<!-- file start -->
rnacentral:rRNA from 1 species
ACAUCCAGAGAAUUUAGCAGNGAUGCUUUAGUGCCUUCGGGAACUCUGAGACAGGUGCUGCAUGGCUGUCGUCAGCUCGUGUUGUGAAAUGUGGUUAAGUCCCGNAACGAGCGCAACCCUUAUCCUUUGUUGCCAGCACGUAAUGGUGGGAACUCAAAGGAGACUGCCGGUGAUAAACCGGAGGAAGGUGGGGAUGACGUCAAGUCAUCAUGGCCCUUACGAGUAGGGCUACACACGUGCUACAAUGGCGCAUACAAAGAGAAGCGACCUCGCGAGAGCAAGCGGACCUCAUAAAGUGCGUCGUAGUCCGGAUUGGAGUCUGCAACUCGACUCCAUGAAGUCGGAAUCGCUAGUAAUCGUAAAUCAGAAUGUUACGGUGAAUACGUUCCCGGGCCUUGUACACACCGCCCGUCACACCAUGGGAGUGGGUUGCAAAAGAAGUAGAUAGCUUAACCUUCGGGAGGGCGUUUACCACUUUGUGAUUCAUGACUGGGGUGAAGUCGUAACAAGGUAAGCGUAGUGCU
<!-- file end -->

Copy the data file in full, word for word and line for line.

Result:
rnacentral:rRNA from 1 species
ACAUCCAGAGAAUUUAGCAGNGAUGCUUUAGUGCCUUCGGGAACUCUGAGACAGGUGCUGCAUGGCUGUCGUCAGCUCGUGUUGUGAAAUGUGGUUAAGUCCCGNAACGAGCGCAACCCUUAUCCUUUGUUGCCAGCACGUAAUGGUGGGAACUCAAAGGAGACUGCCGGUGAUAAACCGGAGGAAGGUGGGGAUGACGUCAAGUCAUCAUGGCCCUUACGAGUAGGGCUACACACGUGCUACAAUGGCGCAUACAAAGAGAAGCGACCUCGCGAGAGCAAGCGGACCUCAUAAAGUGCGUCGUAGUCCGGAUUGGAGUCUGCAACUCGACUCCAUGAAGUCGGAAUCGCUAGUAAUCGUAAAUCAGAAUGUUACGGUGAAUACGUUCCCGGGCCUUGUACACACCGCCCGUCACACCAUGGGAGUGGGUUGCAAAAGAAGUAGAUAGCUUAACCUUCGGGAGGGCGUUUACCACUUUGUGAUUCAUGACUGGGGUGAAGUCGUAACAAGGUAAGCGUAGUGCU